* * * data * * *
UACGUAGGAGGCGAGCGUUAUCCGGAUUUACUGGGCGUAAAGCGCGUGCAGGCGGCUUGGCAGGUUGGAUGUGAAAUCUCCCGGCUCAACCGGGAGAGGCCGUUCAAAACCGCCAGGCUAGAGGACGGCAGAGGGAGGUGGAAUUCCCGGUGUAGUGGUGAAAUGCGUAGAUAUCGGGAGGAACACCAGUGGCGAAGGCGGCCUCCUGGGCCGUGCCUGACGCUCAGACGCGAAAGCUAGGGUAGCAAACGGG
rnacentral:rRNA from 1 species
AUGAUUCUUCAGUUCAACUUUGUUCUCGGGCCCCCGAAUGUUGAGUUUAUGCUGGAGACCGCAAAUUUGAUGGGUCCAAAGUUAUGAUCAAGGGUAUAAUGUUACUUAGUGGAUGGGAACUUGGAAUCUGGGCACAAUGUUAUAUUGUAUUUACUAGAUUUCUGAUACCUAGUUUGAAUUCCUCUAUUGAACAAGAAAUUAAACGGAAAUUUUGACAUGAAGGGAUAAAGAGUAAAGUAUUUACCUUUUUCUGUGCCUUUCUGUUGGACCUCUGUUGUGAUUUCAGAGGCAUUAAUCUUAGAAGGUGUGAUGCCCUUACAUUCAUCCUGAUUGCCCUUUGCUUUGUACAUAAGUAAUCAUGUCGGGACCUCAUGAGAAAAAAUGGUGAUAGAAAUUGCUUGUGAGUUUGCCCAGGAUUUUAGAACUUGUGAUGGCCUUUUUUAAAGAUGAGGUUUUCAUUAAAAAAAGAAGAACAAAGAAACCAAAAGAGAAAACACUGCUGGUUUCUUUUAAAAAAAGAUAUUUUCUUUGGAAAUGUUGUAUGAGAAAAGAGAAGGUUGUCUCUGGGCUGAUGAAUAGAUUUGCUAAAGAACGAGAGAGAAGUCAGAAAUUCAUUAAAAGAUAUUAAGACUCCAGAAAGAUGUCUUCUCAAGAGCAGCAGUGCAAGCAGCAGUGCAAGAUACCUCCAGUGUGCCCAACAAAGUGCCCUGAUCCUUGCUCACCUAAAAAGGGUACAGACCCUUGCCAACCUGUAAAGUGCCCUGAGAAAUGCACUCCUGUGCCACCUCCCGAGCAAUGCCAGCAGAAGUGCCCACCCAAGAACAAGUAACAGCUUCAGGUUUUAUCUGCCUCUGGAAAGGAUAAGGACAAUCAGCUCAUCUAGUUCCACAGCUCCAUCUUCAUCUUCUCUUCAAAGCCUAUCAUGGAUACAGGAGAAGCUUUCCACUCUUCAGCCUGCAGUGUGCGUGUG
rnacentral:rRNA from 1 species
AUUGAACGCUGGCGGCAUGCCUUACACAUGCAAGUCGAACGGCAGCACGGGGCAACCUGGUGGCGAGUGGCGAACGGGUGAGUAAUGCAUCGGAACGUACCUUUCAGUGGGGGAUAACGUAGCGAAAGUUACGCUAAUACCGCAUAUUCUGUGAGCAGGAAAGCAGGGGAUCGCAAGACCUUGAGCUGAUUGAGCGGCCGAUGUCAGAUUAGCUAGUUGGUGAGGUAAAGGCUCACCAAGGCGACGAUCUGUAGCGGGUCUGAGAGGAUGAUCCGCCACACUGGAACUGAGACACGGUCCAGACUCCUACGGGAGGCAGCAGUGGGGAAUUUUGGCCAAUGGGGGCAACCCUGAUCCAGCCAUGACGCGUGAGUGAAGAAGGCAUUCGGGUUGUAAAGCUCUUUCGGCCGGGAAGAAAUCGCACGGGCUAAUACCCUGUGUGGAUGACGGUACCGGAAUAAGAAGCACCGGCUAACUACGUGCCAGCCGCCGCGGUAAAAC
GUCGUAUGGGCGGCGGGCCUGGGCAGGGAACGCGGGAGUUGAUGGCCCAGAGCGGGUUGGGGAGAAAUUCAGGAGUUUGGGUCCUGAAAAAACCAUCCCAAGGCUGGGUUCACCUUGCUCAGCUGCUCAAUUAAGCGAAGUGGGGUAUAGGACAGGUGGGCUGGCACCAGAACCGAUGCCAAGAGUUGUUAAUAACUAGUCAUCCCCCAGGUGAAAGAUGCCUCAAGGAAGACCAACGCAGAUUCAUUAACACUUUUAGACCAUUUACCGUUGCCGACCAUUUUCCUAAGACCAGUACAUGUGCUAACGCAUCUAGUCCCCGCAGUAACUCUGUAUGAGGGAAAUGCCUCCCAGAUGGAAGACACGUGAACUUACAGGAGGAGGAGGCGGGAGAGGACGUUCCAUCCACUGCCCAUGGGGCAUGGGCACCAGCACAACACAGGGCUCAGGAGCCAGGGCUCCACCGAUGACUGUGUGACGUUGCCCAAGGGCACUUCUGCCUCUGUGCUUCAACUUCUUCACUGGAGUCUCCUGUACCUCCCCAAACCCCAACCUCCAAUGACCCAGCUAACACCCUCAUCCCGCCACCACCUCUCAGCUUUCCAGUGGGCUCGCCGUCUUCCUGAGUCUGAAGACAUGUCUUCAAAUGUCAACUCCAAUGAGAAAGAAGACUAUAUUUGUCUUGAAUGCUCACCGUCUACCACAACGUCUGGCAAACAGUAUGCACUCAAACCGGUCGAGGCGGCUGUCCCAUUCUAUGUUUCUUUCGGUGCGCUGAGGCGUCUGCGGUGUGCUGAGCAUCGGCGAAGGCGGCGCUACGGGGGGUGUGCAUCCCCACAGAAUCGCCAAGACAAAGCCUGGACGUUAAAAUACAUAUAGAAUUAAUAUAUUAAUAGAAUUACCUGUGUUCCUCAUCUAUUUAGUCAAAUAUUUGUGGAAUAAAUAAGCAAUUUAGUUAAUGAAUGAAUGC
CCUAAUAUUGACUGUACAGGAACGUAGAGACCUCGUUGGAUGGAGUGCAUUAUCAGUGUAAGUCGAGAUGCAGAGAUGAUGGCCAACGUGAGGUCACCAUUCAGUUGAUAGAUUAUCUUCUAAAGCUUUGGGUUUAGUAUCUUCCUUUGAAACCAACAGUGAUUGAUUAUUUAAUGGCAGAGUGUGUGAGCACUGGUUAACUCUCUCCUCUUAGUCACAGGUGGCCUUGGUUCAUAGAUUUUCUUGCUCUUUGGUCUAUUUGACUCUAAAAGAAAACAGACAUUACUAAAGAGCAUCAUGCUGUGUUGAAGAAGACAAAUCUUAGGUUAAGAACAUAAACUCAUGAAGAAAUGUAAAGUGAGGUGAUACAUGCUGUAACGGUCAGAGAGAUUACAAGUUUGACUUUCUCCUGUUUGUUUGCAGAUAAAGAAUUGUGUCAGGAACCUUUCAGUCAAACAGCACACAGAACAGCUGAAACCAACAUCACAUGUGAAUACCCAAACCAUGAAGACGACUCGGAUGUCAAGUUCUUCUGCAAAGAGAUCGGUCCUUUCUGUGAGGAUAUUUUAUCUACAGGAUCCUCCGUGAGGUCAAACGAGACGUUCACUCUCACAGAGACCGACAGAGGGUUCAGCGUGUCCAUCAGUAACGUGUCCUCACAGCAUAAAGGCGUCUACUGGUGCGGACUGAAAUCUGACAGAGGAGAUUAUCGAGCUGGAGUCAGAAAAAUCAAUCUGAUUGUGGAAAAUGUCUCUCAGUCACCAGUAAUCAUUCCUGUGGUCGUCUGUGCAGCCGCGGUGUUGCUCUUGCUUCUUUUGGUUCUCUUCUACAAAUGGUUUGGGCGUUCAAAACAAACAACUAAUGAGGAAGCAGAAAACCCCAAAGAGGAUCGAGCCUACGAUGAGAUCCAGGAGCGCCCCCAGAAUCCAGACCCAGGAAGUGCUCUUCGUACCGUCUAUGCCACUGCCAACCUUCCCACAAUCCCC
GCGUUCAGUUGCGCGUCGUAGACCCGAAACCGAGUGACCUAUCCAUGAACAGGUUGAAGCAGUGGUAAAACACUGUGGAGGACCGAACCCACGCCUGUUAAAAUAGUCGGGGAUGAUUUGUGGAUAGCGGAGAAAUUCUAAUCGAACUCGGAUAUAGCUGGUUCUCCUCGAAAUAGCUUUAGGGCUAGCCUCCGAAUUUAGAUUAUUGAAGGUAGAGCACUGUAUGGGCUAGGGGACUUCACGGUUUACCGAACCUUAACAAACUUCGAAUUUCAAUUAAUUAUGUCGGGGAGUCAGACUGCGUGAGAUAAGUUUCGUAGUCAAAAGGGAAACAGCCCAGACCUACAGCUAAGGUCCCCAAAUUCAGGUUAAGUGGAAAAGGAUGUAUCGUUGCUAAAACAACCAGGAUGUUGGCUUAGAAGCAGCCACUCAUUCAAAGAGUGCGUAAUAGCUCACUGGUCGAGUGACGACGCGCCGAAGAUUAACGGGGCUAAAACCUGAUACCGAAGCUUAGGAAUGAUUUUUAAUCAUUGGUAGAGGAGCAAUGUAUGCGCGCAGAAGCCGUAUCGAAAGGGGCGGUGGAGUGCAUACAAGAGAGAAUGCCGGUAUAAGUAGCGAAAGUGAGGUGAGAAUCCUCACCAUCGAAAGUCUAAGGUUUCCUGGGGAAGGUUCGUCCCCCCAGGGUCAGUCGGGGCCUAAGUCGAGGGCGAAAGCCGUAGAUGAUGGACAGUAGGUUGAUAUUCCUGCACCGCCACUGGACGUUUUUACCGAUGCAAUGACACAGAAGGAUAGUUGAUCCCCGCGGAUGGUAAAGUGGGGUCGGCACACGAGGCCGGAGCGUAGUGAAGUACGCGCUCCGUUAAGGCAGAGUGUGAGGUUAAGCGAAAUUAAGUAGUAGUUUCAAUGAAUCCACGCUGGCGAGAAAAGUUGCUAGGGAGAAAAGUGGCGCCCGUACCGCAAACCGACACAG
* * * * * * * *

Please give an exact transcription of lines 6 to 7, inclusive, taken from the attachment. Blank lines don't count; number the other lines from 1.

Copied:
GUCGUAUGGGCGGCGGGCCUGGGCAGGGAACGCGGGAGUUGAUGGCCCAGAGCGGGUUGGGGAGAAAUUCAGGAGUUUGGGUCCUGAAAAAACCAUCCCAAGGCUGGGUUCACCUUGCUCAGCUGCUCAAUUAAGCGAAGUGGGGUAUAGGACAGGUGGGCUGGCACCAGAACCGAUGCCAAGAGUUGUUAAUAACUAGUCAUCCCCCAGGUGAAAGAUGCCUCAAGGAAGACCAACGCAGAUUCAUUAACACUUUUAGACCAUUUACCGUUGCCGACCAUUUUCCUAAGACCAGUACAUGUGCUAACGCAUCUAGUCCCCGCAGUAACUCUGUAUGAGGGAAAUGCCUCCCAGAUGGAAGACACGUGAACUUACAGGAGGAGGAGGCGGGAGAGGACGUUCCAUCCACUGCCCAUGGGGCAUGGGCACCAGCACAACACAGGGCUCAGGAGCCAGGGCUCCACCGAUGACUGUGUGACGUUGCCCAAGGGCACUUCUGCCUCUGUGCUUCAACUUCUUCACUGGAGUCUCCUGUACCUCCCCAAACCCCAACCUCCAAUGACCCAGCUAACACCCUCAUCCCGCCACCACCUCUCAGCUUUCCAGUGGGCUCGCCGUCUUCCUGAGUCUGAAGACAUGUCUUCAAAUGUCAACUCCAAUGAGAAAGAAGACUAUAUUUGUCUUGAAUGCUCACCGUCUACCACAACGUCUGGCAAACAGUAUGCACUCAAACCGGUCGAGGCGGCUGUCCCAUUCUAUGUUUCUUUCGGUGCGCUGAGGCGUCUGCGGUGUGCUGAGCAUCGGCGAAGGCGGCGCUACGGGGGGUGUGCAUCCCCACAGAAUCGCCAAGACAAAGCCUGGACGUUAAAAUACAUAUAGAAUUAAUAUAUUAAUAGAAUUACCUGUGUUCCUCAUCUAUUUAGUCAAAUAUUUGUGGAAUAAAUAAGCAAUUUAGUUAAUGAAUGAAUGC
CCUAAUAUUGACUGUACAGGAACGUAGAGACCUCGUUGGAUGGAGUGCAUUAUCAGUGUAAGUCGAGAUGCAGAGAUGAUGGCCAACGUGAGGUCACCAUUCAGUUGAUAGAUUAUCUUCUAAAGCUUUGGGUUUAGUAUCUUCCUUUGAAACCAACAGUGAUUGAUUAUUUAAUGGCAGAGUGUGUGAGCACUGGUUAACUCUCUCCUCUUAGUCACAGGUGGCCUUGGUUCAUAGAUUUUCUUGCUCUUUGGUCUAUUUGACUCUAAAAGAAAACAGACAUUACUAAAGAGCAUCAUGCUGUGUUGAAGAAGACAAAUCUUAGGUUAAGAACAUAAACUCAUGAAGAAAUGUAAAGUGAGGUGAUACAUGCUGUAACGGUCAGAGAGAUUACAAGUUUGACUUUCUCCUGUUUGUUUGCAGAUAAAGAAUUGUGUCAGGAACCUUUCAGUCAAACAGCACACAGAACAGCUGAAACCAACAUCACAUGUGAAUACCCAAACCAUGAAGACGACUCGGAUGUCAAGUUCUUCUGCAAAGAGAUCGGUCCUUUCUGUGAGGAUAUUUUAUCUACAGGAUCCUCCGUGAGGUCAAACGAGACGUUCACUCUCACAGAGACCGACAGAGGGUUCAGCGUGUCCAUCAGUAACGUGUCCUCACAGCAUAAAGGCGUCUACUGGUGCGGACUGAAAUCUGACAGAGGAGAUUAUCGAGCUGGAGUCAGAAAAAUCAAUCUGAUUGUGGAAAAUGUCUCUCAGUCACCAGUAAUCAUUCCUGUGGUCGUCUGUGCAGCCGCGGUGUUGCUCUUGCUUCUUUUGGUUCUCUUCUACAAAUGGUUUGGGCGUUCAAAACAAACAACUAAUGAGGAAGCAGAAAACCCCAAAGAGGAUCGAGCCUACGAUGAGAUCCAGGAGCGCCCCCAGAAUCCAGACCCAGGAAGUGCUCUUCGUACCGUCUAUGCCACUGCCAACCUUCCCACAAUCCCC